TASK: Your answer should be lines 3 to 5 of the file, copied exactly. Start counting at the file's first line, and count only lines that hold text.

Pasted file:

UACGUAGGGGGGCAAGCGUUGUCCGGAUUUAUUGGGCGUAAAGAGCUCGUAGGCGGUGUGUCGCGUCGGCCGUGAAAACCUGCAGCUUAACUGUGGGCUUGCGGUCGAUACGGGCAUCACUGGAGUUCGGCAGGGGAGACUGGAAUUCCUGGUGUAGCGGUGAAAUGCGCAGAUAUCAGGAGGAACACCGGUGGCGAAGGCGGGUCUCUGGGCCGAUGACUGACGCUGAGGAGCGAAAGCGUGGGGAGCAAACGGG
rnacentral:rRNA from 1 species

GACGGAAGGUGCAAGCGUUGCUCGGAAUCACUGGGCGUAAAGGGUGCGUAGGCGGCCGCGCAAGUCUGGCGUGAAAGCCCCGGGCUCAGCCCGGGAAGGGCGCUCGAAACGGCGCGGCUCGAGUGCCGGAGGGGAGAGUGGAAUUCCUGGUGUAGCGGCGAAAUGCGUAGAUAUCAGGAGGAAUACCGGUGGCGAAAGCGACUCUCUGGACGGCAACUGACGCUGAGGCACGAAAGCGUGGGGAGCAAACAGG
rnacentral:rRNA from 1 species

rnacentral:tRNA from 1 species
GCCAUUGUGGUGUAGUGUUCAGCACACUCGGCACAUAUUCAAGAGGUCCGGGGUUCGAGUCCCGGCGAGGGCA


GACGGAAGGUGCAAGCGUUGCUCGGAAUCACUGGGCGUAAAGGGUGCGUAGGCGGCCGCGCAAGUCUGGCGUGAAAGCCCCGGGCUCAGCCCGGGAAGGGCGCUCGAAACGGCGCGGCUCGAGUGCCGGAGGGGAGAGUGGAAUUCCUGGUGUAGCGGCGAAAUGCGUAGAUAUCAGGAGGAAUACCGGUGGCGAAAGCGACUCUCUGGACGGCAACUGACGCUGAGGCACGAAAGCGUGGGGAGCAAACAGG
rnacentral:rRNA from 1 species

rnacentral:tRNA from 1 species